finding/amount entered by Judge Burdell. The corollary to
that concession is that Mr. Bundy agreed that Fireman's
was liable for the total damage amount, with no discount
afforded to Mr. Vose/Pizza Time for issues related to
franchisor liability. Finally, the hearing was truncated,
lasting only a matter of hours.
November 16, 2012, Thurston County Superior Court Judge
Thomas McPhee determined that the arbitration award was
reasonable and entered judgment against Vose and PT for $10,
800, 289 (hereinafter "underlying judgment"). The
judgment included pre- and postjudgment interest accruing at
the rate of 12 percent compounded annually from September 2,
2008 until paid.On April 12, 2013, Judge Tabor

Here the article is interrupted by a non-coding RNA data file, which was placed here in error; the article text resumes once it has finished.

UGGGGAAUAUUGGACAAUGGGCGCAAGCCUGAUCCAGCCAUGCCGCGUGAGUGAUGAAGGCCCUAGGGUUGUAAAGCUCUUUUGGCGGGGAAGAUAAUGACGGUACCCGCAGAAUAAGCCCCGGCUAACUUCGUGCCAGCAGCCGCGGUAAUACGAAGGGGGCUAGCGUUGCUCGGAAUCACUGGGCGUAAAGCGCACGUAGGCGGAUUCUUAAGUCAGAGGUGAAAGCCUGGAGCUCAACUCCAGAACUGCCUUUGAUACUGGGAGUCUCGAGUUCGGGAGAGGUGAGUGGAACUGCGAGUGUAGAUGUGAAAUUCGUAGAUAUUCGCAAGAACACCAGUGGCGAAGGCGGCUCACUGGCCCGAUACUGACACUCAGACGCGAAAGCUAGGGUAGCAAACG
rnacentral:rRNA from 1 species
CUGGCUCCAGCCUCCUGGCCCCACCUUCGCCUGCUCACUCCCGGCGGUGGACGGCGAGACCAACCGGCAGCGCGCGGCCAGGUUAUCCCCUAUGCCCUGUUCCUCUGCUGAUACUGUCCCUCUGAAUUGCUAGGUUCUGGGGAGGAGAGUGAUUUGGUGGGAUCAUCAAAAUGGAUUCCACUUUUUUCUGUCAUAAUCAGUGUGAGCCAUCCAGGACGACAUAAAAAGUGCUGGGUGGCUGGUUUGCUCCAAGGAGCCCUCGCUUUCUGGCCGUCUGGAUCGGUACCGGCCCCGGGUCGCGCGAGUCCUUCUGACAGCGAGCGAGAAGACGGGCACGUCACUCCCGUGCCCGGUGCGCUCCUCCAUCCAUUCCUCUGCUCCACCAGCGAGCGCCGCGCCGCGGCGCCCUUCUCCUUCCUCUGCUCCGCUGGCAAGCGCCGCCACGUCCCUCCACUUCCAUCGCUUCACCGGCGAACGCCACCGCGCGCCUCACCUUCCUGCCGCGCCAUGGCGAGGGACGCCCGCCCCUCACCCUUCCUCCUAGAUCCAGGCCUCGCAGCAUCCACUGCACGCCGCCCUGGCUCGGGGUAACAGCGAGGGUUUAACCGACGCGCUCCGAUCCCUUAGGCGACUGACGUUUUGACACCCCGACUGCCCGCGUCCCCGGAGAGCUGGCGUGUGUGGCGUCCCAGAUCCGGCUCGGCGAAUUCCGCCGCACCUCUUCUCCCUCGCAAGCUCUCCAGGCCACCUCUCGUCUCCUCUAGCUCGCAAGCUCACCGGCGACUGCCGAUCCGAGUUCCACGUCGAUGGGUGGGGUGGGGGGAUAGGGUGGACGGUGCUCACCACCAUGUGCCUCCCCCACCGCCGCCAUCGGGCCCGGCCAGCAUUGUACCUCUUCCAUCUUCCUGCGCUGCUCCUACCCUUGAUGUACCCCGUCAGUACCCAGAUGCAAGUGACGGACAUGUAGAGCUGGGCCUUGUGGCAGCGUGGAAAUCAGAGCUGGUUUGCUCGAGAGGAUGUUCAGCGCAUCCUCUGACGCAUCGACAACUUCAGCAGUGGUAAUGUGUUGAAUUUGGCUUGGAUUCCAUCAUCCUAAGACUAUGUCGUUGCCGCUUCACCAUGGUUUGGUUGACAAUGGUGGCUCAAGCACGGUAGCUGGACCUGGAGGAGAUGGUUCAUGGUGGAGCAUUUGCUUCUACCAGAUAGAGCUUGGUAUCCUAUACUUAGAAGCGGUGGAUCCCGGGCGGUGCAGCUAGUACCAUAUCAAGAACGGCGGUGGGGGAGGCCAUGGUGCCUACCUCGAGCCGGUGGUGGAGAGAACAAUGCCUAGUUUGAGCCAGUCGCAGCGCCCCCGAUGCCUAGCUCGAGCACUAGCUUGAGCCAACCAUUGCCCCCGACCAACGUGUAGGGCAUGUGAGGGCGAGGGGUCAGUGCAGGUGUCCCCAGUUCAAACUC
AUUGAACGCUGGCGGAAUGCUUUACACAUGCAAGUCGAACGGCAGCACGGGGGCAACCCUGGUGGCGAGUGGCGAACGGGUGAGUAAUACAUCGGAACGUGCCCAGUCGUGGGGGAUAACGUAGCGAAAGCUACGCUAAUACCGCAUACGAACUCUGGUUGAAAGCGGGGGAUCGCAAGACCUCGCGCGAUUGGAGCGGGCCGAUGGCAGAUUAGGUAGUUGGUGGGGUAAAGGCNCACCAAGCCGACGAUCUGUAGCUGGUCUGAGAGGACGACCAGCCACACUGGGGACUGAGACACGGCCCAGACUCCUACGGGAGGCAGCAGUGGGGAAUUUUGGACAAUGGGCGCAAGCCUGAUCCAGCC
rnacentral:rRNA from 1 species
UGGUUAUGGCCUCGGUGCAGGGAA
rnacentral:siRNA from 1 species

granted Fireman's motion to remove its name from the
caption of the arbitration award. Judge Tabor granted the
requested relief but wrote on the order, "Court makes
clear this does not affect the award or goes to any of the
merits or repercussions of the award."
August 23, 2013, Fireman's moved for partial summary
judgment in this action, asserting that "(1) as a matter
of law Fireman's Fund is not bound by the arbitration
award and judgment obtained against [Vose and PT] and that,
therefore; (2) Plaintiffs' claim against Fireman's
Fund for the amount of the arbitration award should be
dismissed." King County Superior Court Judge Timothy
Bradshaw denied the motion.
November 26, 2013, Judge Bradshaw entered an order preventing
Fireman's from deposing Beninger. On January 27, 2014,
Judge Bradshaw entered an order "to preclude attempts to